Saturday, April 22, 2006
Somewhere between a serious case of pre-event nerves and postperformance jitters, Roxanne Grizzle found the time to unleash the javelin toss of her lifetime.
The Tonganoxie High sophomore set a personal and school record with her third throw in the preliminaries, then anxiously watched her distance of 148-feet, 1-inch stand up through the finals to win one of the first gold medals awarded Friday at the Kansas Relays.
"I think it's pretty awesome," Grizzle said. "I expect a lot out of myself, but not as much as I brought."
Asked to describe her winning throw, Grizzle didn't latch onto the joy of the actual moment, but instead the uneasiness that preceded it.
"I had all these kinds of nerves going through me, and my neck - I was really tense," Grizzle said. "I just got up there and brought it."
After two relatively pedestrian throws to open her competition, Grizzle came up big on her final toss of the prelims, earning three more attempts as the top seed in the finals. While she didn't again come close to her high-water mark, neither could any of the remaining eight finalists.
Independence High's Amber Dunham was the only other competitor to top the 140-foot barrier, finishing with a toss of 143-4 on her last attempt in the finals - an almost five-foot shortcoming that finally put Grizzle's mind at ease.
"I was hoping. Me and my mom were really, really nervous in the finals," Grizzle said. "Everyone has three throws, so you don't know if someone's going to pass you."
The sophomore finished third at last year's Relays while competing for De Soto. However, sensing a need for better tutelage and in-house competition, Grizzle - who also plays high school softball in the spring - decided to transfer to Tonganoxie.
The move paid off all the way around for the Chieftains. In addition to Grizzle's banner effort, junior Ali Pistora won bronze in Friday's event with a toss of 139-10.
"It's pretty awesome," said Grizzle about the 1-3 punch. "I'm glad that I'm finally with someone that I can compete against."
Garcia, Graf shine in 3,200: While she won't have a chance to defend her title in the 3,200 meters next spring, Free State High's Alysha Valencia may not have to look very far to find someone worthy of carrying the torch.
Baldwin sophomore Heather Garcia set a personal record with a time of 11 minutes, 3.70 seconds to lead the pack trying to chase down Valencia, and fellow area competitor Brittney Graff, a junior at Eudora, finished fourth in 11:10.76 - bettering her previous best by 20 seconds.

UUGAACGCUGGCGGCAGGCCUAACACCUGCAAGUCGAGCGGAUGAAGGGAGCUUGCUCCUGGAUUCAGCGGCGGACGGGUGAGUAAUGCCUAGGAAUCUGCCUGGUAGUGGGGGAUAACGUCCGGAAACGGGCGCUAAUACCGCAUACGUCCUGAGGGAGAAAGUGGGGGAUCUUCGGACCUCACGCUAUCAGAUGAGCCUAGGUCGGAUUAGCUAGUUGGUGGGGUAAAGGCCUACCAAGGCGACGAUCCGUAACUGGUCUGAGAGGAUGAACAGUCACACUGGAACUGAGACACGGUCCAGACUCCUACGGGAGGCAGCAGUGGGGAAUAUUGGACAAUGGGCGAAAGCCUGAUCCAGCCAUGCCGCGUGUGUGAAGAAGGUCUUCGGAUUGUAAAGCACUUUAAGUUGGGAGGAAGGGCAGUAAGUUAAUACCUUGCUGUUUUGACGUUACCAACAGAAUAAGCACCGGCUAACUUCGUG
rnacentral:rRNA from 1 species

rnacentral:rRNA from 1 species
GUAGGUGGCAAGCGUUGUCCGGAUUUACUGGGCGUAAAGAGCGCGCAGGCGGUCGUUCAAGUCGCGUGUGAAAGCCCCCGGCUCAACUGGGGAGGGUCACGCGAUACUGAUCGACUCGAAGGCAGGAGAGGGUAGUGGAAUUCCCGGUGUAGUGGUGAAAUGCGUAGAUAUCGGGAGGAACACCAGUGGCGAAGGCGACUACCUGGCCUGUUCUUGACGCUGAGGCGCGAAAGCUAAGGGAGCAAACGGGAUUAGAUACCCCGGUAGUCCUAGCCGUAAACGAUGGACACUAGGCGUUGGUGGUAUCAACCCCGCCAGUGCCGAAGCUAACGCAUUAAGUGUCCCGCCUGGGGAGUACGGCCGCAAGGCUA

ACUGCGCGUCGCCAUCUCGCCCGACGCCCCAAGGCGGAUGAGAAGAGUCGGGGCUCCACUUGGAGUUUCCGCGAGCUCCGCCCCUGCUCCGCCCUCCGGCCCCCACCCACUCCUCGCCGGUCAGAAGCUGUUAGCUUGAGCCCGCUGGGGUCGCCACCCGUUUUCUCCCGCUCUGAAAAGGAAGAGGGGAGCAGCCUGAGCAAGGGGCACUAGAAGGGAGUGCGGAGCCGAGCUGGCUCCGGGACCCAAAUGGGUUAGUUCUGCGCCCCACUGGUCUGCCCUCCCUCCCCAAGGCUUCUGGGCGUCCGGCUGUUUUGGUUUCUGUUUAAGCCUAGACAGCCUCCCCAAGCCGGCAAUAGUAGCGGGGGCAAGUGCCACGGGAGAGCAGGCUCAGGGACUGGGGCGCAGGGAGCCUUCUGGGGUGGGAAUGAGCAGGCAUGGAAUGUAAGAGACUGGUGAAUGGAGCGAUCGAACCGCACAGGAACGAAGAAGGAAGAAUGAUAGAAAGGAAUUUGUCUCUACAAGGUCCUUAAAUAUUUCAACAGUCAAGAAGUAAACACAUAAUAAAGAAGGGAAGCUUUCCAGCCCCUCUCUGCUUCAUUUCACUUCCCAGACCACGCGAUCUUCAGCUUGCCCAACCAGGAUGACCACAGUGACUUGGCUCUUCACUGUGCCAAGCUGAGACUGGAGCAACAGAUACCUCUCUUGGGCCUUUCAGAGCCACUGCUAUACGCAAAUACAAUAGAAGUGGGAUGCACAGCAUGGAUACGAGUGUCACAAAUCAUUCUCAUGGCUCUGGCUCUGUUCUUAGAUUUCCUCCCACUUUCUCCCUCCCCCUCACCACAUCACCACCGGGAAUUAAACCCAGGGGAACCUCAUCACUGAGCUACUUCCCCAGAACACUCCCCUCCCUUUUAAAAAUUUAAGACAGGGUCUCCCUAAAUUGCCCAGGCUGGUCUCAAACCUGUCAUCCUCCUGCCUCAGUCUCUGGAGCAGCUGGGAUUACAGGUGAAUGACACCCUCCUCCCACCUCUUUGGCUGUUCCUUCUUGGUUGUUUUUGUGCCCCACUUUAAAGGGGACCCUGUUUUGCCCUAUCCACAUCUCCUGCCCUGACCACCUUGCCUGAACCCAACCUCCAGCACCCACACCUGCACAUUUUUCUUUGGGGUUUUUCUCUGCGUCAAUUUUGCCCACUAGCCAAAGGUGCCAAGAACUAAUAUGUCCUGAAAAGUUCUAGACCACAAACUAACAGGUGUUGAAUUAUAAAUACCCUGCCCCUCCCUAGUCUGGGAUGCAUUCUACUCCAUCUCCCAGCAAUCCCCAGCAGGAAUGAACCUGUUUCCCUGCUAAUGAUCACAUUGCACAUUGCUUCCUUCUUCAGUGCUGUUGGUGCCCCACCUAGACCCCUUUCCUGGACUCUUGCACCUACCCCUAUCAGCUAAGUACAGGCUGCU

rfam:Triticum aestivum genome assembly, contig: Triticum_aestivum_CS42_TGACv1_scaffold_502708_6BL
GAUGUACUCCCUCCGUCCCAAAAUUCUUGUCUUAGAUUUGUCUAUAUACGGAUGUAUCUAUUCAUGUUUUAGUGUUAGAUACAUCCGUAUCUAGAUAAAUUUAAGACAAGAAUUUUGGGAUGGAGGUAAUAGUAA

"We took off pretty fast. I tried to keep the pace up," said Garcia, who finished more than four seconds ahead of bronze medalist Stephanie King of Marmaton Valley. "I placed last year, so my goal was just to do better."
She accomplished that feat both on the leaderboard and on the clock.
"Oh yeah, it was a major PR (personal record)," Garcia said. "It felt good. I wanted to get into the 11s this year, so it was good to be this close to it."
Despite the lack of a rearview mirror, Valencia came away impressed with her neighbors.
"They're little schools, but they've got some good people," Valencia said. "I don't think people understand that. Their girls are tough."
Notes: Eudora's Emily Ballock, the defending Class 4A state champion in the 300 hurdles, finished third in that event in 46.23 seconds. She was the top Kansas finisher. : Mill Valley (23:07.56) and Baldwin (23:09.21) finished sixth and seventh in the 6,400-meter girls relay. : Ottawa's boys 4x100 team qualified for today's finals after winning its qualifying heat in 43.27. Ottawa (3:23.32) and Baldwin (3:26.43) advanced to today's boys 4x400 relay finals. : Mill Valley's Justin Woods will vie for the honor of the Relay's fastest high schooler when he competes in today's 100 finals. He qualified seventh in the eight-team field with a prelim time of 11.03. : Santa Fe Trail's Jodi Mundy secured the eighth and final spot in today's girls 400 finals with a qualifying time of 59.83.